Why Invest in Wong Chuk Hang?
The opening of the Wong Chuk Hang MTR station is accelerating the transformation of the south side of Hong Kong Island into a new commercial and retail hub and luxury residential area that offers impressive long-term investment prospects.
Wong Chuk Hang is now a far cry from its industrial roots. The opening of the Wong Chuk Hang MTR station is accelerating the transformation of the south side of Hong Kong Island into a new commercial and retail hub and luxury residential area.
"The area has completely changed. Many new office buildings have launched and are up for lease. It's hard to find any single bloc buildings for sale because they are being held as long-term investments by owners who recognise the area's potential," says Cynthia Li, a Regional Director with JLL's Hong Kong Capital Markets team.
From an investment perspective, Wong Chuk Hang has many advantages. It is just 15 minutes from Central on the new MTR South Island Line. Cheaper rents are also pulling companies in from the established business districts of Central, Admiralty, Wan Chai, Causeway Bay and Quarry Bay.
"These spaces are attractive for insurance companies and banks looking for back offices, as they provide rare opportunities to secure a whole block and the associated naming rights"
Most office blocks in the area are around 20 storeys on 10,000 sq ft sites that deliver floor plates of a few thousand square feet, making them easy to manage and extremely leasable.
"Medium-sized advertising, trading and technology companies can easily take up a whole floor," says Li. "These spaces are also attractive for insurance companies and banks looking for back offices, as they provide rare opportunities to secure a whole block and the associated naming rights."
Wong Chuk Hang appeals to strata-title investors, who are looking for smaller-sized units for use as workshops, or to those who plan to lease out their property and gain returns on investment over the longer term. But it is en-bloc investors who should really take note.
"You can hardly own a single bloc of office towers on Hong Kong Island, especially for such an affordable sum for both local and institutional investors," observes Li. "That's why the market response for properties in Wong Chuk Hang is so good."
The recent sale of the former Zung Fu Aberdeen Garage at 36 Wong Chuk Hang Road for HKD 1.56 billion is just one reflection of investors' confidence in the area.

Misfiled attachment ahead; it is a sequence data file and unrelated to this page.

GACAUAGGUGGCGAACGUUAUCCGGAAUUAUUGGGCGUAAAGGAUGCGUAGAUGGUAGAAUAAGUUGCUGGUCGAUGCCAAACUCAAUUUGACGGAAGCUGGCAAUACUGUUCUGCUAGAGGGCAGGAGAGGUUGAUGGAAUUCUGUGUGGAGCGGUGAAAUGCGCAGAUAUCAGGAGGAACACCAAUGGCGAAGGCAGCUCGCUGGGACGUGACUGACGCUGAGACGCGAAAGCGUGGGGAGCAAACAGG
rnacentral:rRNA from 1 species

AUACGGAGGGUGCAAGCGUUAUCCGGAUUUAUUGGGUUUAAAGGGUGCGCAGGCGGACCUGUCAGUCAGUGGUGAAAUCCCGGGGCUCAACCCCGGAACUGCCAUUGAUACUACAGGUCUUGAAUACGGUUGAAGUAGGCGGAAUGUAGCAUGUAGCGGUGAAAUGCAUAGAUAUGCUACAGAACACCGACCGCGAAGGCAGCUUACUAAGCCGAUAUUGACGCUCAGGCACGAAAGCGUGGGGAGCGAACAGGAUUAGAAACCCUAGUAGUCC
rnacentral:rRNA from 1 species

The Island South district will soon boast a large luxury residential area that will drive huge demand for office and retail space. February's sale of 126,595 sq ft of residential land in neighbouring Ap Lei Chau for a record HKD 16.86 billion underscores that these two South Side areas are rapidly moving upmarket. A joint venture between two mainland Chinese developers, Unicorn Bay (Hong Kong) Investments Ltd., is expected to turn the site into a combination of luxury houses and 4-6 apartment blocks that will come onto the primary market with a price tag in excess of HKD 38,000 per sq ft.
By the end of February, 14 developers—an all-time high—submitted bids in a tender for a 576,950 sq ft plot of MTR Corporation land next to Wong Chuk Hang station. This residential site—estimated to be worth HKD8 billion to 9.8 billion—is poised to fetch a price at the upper end of the spectrum in the wake of the Ap Lei Chau land sale that boosted market sentiment.
"Wong Chuk Hang will be turned into a mini Quarry Bay. It's a small community, but with all the amenities, including a hospital, parks and two hotels," Li points out.
"Its industrial buildings are fading out and will be converted into either hotels or offices. That includes 36 Wong Chuk Hang Road, which can be converted into offices through a lease modification," says Li.
"Even if you don't change your industrial building into offices, you can always convert them for retail use as restaurants and shops," she adds. "If you invest now, and look at it as a long-term prospect, it is a good area. In the long term it will be more attractive than Quarry Bay."